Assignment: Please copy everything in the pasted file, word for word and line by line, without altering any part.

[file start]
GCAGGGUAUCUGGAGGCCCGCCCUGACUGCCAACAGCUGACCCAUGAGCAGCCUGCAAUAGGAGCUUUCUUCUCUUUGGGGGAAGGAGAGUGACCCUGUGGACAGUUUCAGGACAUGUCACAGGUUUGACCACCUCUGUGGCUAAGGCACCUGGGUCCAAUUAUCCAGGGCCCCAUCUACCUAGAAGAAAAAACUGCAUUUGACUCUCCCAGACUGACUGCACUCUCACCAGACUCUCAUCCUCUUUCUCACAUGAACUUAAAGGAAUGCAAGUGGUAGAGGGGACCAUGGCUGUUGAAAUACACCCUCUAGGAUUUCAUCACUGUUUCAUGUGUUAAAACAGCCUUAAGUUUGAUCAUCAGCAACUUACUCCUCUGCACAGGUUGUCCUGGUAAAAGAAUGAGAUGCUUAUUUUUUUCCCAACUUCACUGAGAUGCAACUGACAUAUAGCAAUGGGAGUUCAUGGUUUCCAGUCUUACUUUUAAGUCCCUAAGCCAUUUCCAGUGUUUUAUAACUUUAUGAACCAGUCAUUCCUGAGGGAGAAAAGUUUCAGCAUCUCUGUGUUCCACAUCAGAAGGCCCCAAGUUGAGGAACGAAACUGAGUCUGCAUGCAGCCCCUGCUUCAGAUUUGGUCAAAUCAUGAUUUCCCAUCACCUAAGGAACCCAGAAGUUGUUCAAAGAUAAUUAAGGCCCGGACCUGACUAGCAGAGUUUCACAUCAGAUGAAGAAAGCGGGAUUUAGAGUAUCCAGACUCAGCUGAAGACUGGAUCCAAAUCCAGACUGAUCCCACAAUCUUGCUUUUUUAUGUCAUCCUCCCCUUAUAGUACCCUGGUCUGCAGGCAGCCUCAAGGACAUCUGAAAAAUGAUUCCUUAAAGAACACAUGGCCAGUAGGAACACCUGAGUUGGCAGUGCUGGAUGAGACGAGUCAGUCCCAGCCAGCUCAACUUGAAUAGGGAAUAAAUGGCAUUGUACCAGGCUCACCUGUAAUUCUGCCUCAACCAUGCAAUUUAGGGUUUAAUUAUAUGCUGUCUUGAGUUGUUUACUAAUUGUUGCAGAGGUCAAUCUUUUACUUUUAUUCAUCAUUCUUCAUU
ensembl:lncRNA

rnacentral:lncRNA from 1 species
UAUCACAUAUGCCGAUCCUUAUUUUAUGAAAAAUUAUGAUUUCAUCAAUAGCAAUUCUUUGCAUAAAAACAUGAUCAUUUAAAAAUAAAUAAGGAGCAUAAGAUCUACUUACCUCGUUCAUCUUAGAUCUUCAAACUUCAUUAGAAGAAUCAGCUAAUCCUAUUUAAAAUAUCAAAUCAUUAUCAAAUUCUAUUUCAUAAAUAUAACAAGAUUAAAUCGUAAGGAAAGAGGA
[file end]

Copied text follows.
GCAGGGUAUCUGGAGGCCCGCCCUGACUGCCAACAGCUGACCCAUGAGCAGCCUGCAAUAGGAGCUUUCUUCUCUUUGGGGGAAGGAGAGUGACCCUGUGGACAGUUUCAGGACAUGUCACAGGUUUGACCACCUCUGUGGCUAAGGCACCUGGGUCCAAUUAUCCAGGGCCCCAUCUACCUAGAAGAAAAAACUGCAUUUGACUCUCCCAGACUGACUGCACUCUCACCAGACUCUCAUCCUCUUUCUCACAUGAACUUAAAGGAAUGCAAGUGGUAGAGGGGACCAUGGCUGUUGAAAUACACCCUCUAGGAUUUCAUCACUGUUUCAUGUGUUAAAACAGCCUUAAGUUUGAUCAUCAGCAACUUACUCCUCUGCACAGGUUGUCCUGGUAAAAGAAUGAGAUGCUUAUUUUUUUCCCAACUUCACUGAGAUGCAACUGACAUAUAGCAAUGGGAGUUCAUGGUUUCCAGUCUUACUUUUAAGUCCCUAAGCCAUUUCCAGUGUUUUAUAACUUUAUGAACCAGUCAUUCCUGAGGGAGAAAAGUUUCAGCAUCUCUGUGUUCCACAUCAGAAGGCCCCAAGUUGAGGAACGAAACUGAGUCUGCAUGCAGCCCCUGCUUCAGAUUUGGUCAAAUCAUGAUUUCCCAUCACCUAAGGAACCCAGAAGUUGUUCAAAGAUAAUUAAGGCCCGGACCUGACUAGCAGAGUUUCACAUCAGAUGAAGAAAGCGGGAUUUAGAGUAUCCAGACUCAGCUGAAGACUGGAUCCAAAUCCAGACUGAUCCCACAAUCUUGCUUUUUUAUGUCAUCCUCCCCUUAUAGUACCCUGGUCUGCAGGCAGCCUCAAGGACAUCUGAAAAAUGAUUCCUUAAAGAACACAUGGCCAGUAGGAACACCUGAGUUGGCAGUGCUGGAUGAGACGAGUCAGUCCCAGCCAGCUCAACUUGAAUAGGGAAUAAAUGGCAUUGUACCAGGCUCACCUGUAAUUCUGCCUCAACCAUGCAAUUUAGGGUUUAAUUAUAUGCUGUCUUGAGUUGUUUACUAAUUGUUGCAGAGGUCAAUCUUUUACUUUUAUUCAUCAUUCUUCAUU
ensembl:lncRNA

rnacentral:lncRNA from 1 species
UAUCACAUAUGCCGAUCCUUAUUUUAUGAAAAAUUAUGAUUUCAUCAAUAGCAAUUCUUUGCAUAAAAACAUGAUCAUUUAAAAAUAAAUAAGGAGCAUAAGAUCUACUUACCUCGUUCAUCUUAGAUCUUCAAACUUCAUUAGAAGAAUCAGCUAAUCCUAUUUAAAAUAUCAAAUCAUUAUCAAAUUCUAUUUCAUAAAUAUAACAAGAUUAAAUCGUAAGGAAAGAGGA